‘Clap when you land’ is a story of two half-sisters, separated by countries and united by a secret. Clap when you land follows two stories of young sisters, Camino and Yahaira. Camino and Yahaira have not known about their father’s secret life overseas. The plot after that revolves around them living their individual lives until they discover each other. There are other cues in the story to hold onto as well. There is a link to the lesser-known flight crash that happened in real life, which is linked in the plot as most of the victims were natives of DR. The sisters’ story is narrated in sync. It almost feels like we are watching their lives as a spectator in a split-screen. The only issue is the split-screen doesn’t feel there. Their mannerism and their voice seem the same. If one doesn’t know that they are two different people, one cannot differentiate from the text. I don’t know if this was on purpose by the author. It did feel like it took away from the personalities of the two very different people and listening to the same person in two different places with two different sets of surrounding people. It feels more on purpose than an ignored fact since the other characters around these sisters have a sparse personality, even if they show up for a while.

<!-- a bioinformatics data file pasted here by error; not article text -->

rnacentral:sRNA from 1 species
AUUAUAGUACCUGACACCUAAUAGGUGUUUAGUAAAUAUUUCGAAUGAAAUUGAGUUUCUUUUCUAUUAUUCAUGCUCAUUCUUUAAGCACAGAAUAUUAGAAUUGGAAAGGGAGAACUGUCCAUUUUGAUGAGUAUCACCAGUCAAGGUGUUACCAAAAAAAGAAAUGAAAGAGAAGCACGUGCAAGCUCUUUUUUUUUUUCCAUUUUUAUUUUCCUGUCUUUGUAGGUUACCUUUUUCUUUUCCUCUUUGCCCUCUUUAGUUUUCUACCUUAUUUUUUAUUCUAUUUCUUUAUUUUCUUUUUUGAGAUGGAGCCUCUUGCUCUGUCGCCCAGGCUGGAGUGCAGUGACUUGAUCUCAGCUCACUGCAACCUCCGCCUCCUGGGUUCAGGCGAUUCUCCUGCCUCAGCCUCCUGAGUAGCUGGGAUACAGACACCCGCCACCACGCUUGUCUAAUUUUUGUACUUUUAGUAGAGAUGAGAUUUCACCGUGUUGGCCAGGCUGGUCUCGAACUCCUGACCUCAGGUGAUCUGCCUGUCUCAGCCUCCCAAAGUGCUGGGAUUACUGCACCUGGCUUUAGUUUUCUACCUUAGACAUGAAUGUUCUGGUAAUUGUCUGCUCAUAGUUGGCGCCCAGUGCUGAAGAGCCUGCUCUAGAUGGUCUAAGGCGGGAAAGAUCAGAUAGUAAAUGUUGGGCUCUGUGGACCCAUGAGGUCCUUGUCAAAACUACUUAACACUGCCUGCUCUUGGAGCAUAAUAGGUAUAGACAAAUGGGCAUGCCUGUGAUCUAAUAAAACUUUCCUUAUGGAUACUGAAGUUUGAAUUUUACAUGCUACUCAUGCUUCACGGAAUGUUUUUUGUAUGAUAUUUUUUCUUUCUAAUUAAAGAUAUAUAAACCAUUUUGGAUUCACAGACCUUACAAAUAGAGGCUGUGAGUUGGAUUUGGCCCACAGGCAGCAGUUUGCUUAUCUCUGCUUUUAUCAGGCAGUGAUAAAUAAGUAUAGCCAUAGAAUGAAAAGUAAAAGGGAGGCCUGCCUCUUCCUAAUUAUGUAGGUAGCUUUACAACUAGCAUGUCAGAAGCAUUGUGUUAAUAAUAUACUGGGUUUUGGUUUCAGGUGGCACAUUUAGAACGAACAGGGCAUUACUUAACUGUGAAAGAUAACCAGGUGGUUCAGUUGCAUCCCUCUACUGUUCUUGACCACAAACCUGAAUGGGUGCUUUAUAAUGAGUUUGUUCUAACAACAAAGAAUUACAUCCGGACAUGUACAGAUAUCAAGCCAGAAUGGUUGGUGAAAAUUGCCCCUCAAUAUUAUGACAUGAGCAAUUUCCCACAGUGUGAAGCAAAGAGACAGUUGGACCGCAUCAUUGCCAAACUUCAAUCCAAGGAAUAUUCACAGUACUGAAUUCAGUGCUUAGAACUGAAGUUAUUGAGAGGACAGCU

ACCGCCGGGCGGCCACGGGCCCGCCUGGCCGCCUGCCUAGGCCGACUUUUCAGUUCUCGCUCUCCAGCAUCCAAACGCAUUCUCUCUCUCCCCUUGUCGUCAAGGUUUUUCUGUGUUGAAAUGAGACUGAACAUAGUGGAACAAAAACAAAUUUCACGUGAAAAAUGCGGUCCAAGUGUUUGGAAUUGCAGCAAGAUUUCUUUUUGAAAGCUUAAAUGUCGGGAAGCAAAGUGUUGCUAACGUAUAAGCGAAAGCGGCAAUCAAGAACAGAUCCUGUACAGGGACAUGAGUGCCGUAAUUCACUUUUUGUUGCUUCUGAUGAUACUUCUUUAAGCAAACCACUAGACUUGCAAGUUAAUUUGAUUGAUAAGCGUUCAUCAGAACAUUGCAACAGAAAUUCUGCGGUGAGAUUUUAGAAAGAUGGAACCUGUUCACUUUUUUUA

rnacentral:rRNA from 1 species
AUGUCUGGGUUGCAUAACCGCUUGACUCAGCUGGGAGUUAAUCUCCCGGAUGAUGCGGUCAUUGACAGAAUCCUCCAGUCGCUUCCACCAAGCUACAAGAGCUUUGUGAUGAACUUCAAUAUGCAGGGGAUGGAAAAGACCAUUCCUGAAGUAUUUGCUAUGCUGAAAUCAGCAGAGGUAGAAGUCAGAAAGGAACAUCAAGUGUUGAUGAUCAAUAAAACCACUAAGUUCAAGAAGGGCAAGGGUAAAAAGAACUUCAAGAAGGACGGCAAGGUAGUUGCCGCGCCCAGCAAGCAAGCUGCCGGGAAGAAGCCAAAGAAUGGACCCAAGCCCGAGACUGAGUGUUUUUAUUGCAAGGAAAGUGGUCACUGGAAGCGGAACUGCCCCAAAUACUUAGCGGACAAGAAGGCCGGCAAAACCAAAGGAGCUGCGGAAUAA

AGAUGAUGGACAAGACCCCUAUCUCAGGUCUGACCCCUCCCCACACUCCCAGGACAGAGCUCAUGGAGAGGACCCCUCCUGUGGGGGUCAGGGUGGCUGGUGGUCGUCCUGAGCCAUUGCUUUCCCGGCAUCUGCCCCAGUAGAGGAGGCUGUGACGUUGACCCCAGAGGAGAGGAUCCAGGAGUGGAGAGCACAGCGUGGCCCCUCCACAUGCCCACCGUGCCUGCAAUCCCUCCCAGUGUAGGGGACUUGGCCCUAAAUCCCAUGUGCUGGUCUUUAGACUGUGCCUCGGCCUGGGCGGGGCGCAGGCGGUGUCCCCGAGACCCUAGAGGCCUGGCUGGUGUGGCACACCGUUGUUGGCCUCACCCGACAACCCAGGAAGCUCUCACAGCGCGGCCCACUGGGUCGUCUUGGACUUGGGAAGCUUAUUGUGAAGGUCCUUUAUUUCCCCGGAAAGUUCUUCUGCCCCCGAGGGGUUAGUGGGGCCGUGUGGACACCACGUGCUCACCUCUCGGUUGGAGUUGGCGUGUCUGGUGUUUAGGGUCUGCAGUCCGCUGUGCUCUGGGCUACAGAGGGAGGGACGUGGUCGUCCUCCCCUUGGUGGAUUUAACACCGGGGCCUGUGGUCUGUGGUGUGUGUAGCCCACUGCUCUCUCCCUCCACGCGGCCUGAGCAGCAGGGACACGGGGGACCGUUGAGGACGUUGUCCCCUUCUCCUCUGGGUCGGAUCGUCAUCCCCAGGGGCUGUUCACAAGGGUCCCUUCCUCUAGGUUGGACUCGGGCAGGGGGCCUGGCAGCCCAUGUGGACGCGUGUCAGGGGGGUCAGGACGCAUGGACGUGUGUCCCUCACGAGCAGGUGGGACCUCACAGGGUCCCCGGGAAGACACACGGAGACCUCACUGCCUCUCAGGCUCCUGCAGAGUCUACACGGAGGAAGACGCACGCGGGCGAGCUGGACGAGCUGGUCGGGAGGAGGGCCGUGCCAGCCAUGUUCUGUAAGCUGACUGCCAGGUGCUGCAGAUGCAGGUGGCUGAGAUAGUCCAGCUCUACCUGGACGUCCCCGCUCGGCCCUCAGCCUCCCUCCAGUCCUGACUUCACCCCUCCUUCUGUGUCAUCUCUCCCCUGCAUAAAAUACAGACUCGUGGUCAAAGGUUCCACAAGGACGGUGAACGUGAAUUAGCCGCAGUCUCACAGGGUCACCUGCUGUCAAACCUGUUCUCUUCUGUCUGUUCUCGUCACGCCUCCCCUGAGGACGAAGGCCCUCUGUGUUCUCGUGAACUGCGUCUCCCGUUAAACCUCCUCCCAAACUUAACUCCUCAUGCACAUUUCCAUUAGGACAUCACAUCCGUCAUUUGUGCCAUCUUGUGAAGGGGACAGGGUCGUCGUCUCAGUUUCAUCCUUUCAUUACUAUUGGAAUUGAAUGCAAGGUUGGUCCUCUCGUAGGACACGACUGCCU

Elizabeth Acevedo has a pretty way with words. It’s beyond any doubt. The novel is in a verse format rather than the traditional paragraph format, and yet she manages to make it engaging and eloquent. I liked the way she ended the chapters where there was a tragedy waiting on the next page. There’s no way you can’t turn the page and join the pity party. She brings the same magic as her poems and extends it well to different characters as well.
Overall, I like the story and storytelling. There were moments I was rooting hard for the two sisters. It felt real numerous times. I am already a fan of her Slam poems, and I am looking forward to reading her other works.